• the box full of 1996 Olympics memorabilia when I volunteered throughout the Games and carried the torch a few hours before the opening ceremony in Atlanta (I have my torch, too!)

Definite keepers from the 1996 Olympics Torch Run

  • everything to do with our Appalachian Trail and Colorado Trail journey runs -- maps, books, articles, albums, album supplies, patches, certificates of completion, etc. Those were the absolute high points of my running career, even better than the Olympics because I was the athlete, not the spectator/volunteer.

Some other running-related items are more problematic to me as we decide what is practical to keep (it's not always easy being "practical").

What about all the running books we've collected? There are three or four dozen of them. Some are real classics, like John Parker's And Then the Vulture Eats You. That compilation of several ultra distance events by various runners is going for a minimum of $88.95 on Amazon.com right now!! No way I'd sell it anytime soon.

Parker's Once a Runner. Noakes' Lore of Running. Sheehan's Running and Being and other classics. More recent books like our Roanoke friend Neal Jamison's Running Through the Wall? We'll definitely keep those, but we can't keep all the others forever and forever.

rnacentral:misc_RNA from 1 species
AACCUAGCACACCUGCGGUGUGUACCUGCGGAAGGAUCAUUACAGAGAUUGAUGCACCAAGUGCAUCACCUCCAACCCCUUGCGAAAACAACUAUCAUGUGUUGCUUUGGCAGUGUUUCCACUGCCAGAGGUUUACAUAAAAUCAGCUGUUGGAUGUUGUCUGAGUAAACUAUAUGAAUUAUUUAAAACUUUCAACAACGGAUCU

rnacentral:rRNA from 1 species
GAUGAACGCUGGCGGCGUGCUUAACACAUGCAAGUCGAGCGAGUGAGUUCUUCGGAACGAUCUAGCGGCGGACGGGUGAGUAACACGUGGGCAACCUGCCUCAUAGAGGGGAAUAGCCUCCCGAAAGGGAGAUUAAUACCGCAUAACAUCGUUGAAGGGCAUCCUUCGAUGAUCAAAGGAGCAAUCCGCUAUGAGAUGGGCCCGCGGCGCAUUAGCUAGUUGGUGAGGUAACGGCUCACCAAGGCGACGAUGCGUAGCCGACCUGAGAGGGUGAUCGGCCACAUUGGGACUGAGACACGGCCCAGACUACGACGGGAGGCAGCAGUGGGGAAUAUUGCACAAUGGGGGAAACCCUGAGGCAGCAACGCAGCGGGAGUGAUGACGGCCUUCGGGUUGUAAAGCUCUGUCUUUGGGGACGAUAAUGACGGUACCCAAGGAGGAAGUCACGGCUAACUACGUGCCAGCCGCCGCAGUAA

What to do, what to do?

I simply can't keep all the notebooks I compiled during my road running days with race numbers, results, and articles from hundreds of races, but gosh, they are interesting to go back and read. Nor do I need three years' worth of Atlanta Track Club minutes, notes, and budgets when I was a board member. That box is easier to shred.

Then there is our ever-growing collection of shirts. Ironically, some of the ones we like the best are race volunteer shirts, not even entrant or finishers' shirts! We each have 20-30 favorites that we wear the most frequently; they have a special place in our closets and drawers. But even though we've donated dozens of race shirts and sweatshirts over the years, we still have six or seven large plastic bins of them in the basement. How many should we keep? How do we decide?